Strict limits on the Hungarian budget

According to political and economic observers the Gyurcsány government will submit a legislative proposal to parliament that may be the most important step it has taken so far. To begin with, it would insert a new sentence into the constitution: "the Parliament and the government will exercise its budgetary powers in such a way as not to endanger the country’s fiscal balance." In the last seventeen or so years every government has fallen prey to the practice of spending above the country’s means prior to elections. Overspending and then tightening. Right now, of course, Hungary is going through a rather painful tightening period, resulting in high inflation and slow economic growth.

A new office would be created to ensure that the parliament and government adhere to their constitutional obligations. The name of the office would be Legislative Budgetary Office (Törvényhozási Költségvetési Hivatal). In an effort to make it politically neutral, its head would be named for a twelve-year period. The office would have access to all data available to the minister of finance or any other ministers. This office would become a reality by 2008, and by 2009 it would have ninety-six employees. Apparently, its yearly budget would not be larger than 1 billion forints, which would include salaries, rent, computers, software, and three official cars.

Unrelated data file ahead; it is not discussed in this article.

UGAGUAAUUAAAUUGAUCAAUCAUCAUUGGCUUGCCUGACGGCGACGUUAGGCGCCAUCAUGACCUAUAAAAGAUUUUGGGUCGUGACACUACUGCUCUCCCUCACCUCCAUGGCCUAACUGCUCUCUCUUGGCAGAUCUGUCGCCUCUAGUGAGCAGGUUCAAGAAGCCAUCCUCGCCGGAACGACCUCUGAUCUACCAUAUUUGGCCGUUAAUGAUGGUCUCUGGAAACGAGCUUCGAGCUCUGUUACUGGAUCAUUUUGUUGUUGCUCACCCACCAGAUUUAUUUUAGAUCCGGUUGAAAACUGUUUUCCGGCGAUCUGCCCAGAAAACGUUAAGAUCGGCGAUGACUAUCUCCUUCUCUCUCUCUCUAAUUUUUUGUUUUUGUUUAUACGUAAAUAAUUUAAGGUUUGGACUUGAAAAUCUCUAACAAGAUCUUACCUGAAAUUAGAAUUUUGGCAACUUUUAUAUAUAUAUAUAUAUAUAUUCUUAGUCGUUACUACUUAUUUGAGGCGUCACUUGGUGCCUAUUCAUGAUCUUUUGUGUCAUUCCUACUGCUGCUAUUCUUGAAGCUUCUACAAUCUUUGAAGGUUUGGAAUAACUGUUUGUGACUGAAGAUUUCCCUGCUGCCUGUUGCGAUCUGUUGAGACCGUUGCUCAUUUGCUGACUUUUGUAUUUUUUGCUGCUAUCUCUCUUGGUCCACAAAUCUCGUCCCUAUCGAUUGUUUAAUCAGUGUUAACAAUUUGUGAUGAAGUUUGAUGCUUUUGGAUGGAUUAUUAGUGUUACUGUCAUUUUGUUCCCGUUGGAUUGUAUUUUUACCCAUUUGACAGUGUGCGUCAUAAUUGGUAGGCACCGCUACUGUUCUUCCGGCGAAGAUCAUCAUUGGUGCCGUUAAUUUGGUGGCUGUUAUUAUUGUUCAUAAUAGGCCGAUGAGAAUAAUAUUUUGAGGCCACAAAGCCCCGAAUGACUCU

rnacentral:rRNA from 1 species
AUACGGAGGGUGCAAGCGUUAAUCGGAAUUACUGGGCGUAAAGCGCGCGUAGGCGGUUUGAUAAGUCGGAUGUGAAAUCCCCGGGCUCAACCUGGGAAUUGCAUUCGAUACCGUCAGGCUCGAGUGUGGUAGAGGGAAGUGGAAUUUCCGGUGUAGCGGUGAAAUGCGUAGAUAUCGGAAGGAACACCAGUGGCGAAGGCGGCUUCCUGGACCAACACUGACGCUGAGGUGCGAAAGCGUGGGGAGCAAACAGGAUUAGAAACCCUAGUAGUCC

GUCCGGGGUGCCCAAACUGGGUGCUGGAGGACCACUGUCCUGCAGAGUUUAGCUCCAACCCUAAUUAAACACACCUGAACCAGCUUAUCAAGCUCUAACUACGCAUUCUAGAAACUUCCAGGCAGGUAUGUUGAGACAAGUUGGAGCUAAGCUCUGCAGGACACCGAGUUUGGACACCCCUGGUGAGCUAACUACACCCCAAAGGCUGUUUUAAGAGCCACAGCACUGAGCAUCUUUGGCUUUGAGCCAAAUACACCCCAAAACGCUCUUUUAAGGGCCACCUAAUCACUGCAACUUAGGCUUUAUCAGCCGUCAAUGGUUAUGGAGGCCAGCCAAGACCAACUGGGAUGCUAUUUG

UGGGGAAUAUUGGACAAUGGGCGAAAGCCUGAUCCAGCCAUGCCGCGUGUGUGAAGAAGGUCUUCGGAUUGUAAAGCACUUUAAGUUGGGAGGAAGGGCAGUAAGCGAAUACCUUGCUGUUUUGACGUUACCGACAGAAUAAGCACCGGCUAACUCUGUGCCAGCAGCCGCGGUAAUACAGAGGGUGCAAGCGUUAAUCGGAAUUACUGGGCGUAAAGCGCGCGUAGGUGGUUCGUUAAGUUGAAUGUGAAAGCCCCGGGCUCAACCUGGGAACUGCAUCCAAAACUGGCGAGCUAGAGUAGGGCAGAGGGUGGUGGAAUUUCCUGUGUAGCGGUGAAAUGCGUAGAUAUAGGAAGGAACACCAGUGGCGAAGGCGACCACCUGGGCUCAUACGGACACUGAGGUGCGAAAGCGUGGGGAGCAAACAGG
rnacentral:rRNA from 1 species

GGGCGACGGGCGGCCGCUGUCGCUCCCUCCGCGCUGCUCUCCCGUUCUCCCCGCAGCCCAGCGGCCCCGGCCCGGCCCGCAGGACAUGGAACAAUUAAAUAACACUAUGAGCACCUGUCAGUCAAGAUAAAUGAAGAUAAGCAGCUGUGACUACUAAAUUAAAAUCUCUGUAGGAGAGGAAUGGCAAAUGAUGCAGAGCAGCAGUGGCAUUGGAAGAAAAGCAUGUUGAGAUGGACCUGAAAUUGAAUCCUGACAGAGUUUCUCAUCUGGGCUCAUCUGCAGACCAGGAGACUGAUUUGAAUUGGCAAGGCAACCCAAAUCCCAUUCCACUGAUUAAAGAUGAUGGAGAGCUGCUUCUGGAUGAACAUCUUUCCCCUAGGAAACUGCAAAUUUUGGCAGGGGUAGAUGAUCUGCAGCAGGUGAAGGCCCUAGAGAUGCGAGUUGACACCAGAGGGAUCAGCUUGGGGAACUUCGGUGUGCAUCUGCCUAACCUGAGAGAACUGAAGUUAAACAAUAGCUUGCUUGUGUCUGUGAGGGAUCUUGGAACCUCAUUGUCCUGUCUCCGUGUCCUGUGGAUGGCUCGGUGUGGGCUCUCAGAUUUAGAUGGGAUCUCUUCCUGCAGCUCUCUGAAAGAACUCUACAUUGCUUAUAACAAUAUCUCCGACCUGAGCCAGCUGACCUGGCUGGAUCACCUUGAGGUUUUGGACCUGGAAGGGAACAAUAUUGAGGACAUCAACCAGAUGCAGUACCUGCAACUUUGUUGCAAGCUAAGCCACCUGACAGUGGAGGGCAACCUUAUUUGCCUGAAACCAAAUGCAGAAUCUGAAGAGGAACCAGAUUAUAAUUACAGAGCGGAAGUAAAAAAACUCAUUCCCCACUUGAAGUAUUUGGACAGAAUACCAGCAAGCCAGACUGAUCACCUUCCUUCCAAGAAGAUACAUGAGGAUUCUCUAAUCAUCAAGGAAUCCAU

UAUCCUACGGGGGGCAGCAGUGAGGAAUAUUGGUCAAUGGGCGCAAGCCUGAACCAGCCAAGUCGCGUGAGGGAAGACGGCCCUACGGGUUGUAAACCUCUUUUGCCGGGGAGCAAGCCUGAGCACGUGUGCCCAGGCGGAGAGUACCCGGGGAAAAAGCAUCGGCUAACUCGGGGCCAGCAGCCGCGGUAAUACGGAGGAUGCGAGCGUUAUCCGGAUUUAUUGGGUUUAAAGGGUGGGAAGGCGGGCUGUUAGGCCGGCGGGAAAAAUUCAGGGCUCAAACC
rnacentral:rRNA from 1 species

It will be a challenge to prevent this new office from falling prey to the parties as so many other so-called politically neutral institutions (see the boards of public television and radio, for example) have. The original plan was that a professional body would suggest a number of people for the post of the president and out of these nominees parliament would choose one (with a two-thirds majority necessary). However, in the last minute this suggestion was dropped in favor of a "softer" version whereby an eight-member parliamentary committee will select candidates.

There are other important provisions of the proposed legislation. One is to link the rate of change of government debt to the GDP. Its real value cannot grow out of proportion to the growth of the GDP.

Prime Minister Gyurcsány and Finance Minister Veres informed the press Sunday morning about the details, adding that there was agreement among the parties. It sounded too good to me. Indeed a few hours later András Tállai, the Fidesz politician in charge of such budgetary questions, announced that although the Fidesz supports the goal of budgetary stability this proposal is not the right legislation, and this is not the right time to vote on such legislation.

Because of the parliamentary schedule the legislation can’t get to the floor before February, but the government was sure in a hurry to make the announcement, which most likely came as a surprise to the Fidesz. We will hear a lot about all this between now and February.